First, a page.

VALLETTA, Malta – The Latest on the national election in Malta (all times local):
Malta's electoral commission says 92 percent of the island nation's 340,000 eligible voters cast their ballots in an early general election.
That is 1 percentage point lower than the 93 percent cast in 2013, but maintains the island's high voter turnout above 90 percent for the past half-century.
Pre-election surveys showed Prime Minister Muscat as a favorite to win a second, five-year mandate. But the same polls had one-fifth of the population not declaring how they would vote, giving the National Force made up of the Nationalist Party and the newly formed Democratic Party a chance.
The elections were called a year earlier than scheduled after allegations Muscat's wife Michelle owned a company related to the Panama Papers scandal led to a magisterial investigation.
Results are expected Sunday.
Malta's president is calling for reconciliation following an election campaign marred by what she calls "aggressive and abusive language."
President Marie Louise Coleiro Preca spoke to the country after polls closed at 10 p.m. and said abuse started on social media and continued at workplaces, schools and entertainment venues. She says it led to "disrespect" between neighbours, friends and relatives.
She said she wants "to see people returning to open dialogue, which is the basis of a healthy democracy".
The president added: "We remain one people and one nation. Let us unite again."
Malta's electoral commission says more than half of the island nation's 340,000 eligible voters have cast ballots in an early general election.
The commission said turnout was 52 percent with eight hours to go before polls closed at 10 p.m. Saturday.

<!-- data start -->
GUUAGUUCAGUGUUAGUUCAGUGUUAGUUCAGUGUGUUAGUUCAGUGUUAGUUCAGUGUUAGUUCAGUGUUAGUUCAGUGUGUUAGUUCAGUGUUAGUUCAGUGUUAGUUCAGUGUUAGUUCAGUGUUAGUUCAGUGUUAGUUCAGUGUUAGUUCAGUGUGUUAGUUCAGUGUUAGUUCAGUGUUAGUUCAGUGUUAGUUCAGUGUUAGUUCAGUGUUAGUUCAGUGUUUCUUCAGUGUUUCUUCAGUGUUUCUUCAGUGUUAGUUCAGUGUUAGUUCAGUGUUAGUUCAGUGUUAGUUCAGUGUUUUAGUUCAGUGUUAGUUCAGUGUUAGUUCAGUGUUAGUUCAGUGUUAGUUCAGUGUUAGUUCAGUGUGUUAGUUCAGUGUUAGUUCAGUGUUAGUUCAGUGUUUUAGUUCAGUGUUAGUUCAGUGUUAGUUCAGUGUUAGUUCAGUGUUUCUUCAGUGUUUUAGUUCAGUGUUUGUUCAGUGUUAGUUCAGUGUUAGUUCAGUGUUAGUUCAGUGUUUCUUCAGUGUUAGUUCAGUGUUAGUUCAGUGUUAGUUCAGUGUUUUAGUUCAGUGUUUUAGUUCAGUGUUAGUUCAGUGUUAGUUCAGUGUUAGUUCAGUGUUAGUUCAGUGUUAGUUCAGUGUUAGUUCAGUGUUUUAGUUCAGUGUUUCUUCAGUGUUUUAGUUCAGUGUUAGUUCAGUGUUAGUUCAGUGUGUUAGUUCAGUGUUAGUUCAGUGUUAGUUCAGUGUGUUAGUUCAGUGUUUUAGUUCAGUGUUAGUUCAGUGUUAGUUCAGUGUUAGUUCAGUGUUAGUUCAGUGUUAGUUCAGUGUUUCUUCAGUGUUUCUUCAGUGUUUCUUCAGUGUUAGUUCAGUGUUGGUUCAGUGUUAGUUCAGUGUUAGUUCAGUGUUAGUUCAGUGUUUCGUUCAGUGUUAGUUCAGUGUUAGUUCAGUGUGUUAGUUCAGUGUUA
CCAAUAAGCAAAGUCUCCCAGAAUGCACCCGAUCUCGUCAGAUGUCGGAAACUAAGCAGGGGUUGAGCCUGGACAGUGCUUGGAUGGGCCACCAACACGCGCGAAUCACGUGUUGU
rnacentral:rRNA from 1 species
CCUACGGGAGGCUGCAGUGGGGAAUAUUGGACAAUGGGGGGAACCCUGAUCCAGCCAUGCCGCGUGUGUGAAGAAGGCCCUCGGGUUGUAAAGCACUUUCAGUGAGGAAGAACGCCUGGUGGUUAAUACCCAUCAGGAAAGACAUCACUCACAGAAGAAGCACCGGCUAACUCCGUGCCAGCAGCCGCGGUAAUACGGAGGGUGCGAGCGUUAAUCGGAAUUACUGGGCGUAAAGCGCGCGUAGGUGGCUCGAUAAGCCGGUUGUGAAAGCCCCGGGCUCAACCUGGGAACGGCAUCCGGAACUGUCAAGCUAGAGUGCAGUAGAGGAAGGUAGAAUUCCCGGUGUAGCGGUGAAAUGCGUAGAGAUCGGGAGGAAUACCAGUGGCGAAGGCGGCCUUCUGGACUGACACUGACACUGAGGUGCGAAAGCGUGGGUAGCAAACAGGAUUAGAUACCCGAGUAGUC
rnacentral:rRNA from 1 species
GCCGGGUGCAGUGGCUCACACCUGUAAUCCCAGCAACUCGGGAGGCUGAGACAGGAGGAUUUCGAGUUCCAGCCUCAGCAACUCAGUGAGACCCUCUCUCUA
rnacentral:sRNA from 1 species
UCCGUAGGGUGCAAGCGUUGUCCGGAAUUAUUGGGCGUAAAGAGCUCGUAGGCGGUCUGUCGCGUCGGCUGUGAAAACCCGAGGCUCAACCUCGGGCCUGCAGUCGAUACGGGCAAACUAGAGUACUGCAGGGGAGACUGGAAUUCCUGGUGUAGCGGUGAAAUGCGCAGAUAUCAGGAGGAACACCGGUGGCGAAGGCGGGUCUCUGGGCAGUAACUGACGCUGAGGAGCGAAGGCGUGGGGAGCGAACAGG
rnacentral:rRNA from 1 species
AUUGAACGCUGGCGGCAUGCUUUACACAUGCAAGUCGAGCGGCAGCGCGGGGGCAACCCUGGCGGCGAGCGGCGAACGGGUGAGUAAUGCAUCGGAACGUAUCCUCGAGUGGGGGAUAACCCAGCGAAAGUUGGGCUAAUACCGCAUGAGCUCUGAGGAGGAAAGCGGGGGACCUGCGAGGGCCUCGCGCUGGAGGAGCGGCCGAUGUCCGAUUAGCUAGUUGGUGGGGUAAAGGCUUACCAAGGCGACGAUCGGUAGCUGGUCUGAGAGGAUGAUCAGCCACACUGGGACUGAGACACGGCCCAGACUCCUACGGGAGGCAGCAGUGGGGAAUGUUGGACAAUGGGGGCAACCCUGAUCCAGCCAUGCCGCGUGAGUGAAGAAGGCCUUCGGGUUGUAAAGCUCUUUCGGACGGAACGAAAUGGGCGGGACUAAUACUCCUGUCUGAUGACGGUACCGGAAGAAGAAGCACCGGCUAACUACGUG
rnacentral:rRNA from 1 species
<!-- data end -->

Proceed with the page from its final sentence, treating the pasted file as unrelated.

Surveys showed Prime Minister Joseph Muscat was likely to win a second, five-year term.
But polls indicated one-fifth of voters were undecided going into the election, giving the National Force made up of the Nationalist Party and newly formed Democratic Party a slight chance to put Muscat's Labour Party out of power.
Muscat called snap elections a year early following an investigation into allegations his wife owned a company related to the Panama Papers scandal.
The prime challenger to Malta's prime minister in the country's early election has used the Panama Papers scandal to argue that change is needed to root out government corruption.
Nationalist leader Simon Busuttil has argued in the campaign leading up to Saturday's election that accusations of corruption had hurt Malta's financial services industry and would continue to damage the island's reputation.
Busuttil has alleged that Prime Minister Joseph Muscat's chief of staff engaged in money laundering and receiving kickbacks. The chief of staff, Keith Schembri, denies wrongdoing. A magisterial inquiry of the allegations is ongoing.
Schembri also turned up in the Panama Papers document dump as having acquired a company in Panama along with Malta's energy minister.
Voting takes place all day Saturday. There are no exit polls and the counting of votes is to be carried out manually starting Sunday morning. Results are expected later Sunday.
Maltese voters are heading to the polls a year early after Prime Minister Joseph Muscat called snap elections following an investigation into allegations his wife owned a company related to the Panama Papers scandal.
Surveys show Labour's Muscat is likely to win a second, five-year term Saturday. But polls indicated one-fifth of voters were undecided, giving the National Force, made up of the Nationalist Party and newly formed Democratic Party, a slight chance.
The Panama Papers scandal, which detailed offshore companies and other financial data of the rich and powerful, exposed Malta's energy minister and Muscat's chief of staff as having acquired a company in Panama.
Muscat called new elections and ordered a magisterial inquiry after allegations surfaced that his wife also owned a company in Panama. They deny wrongdoing.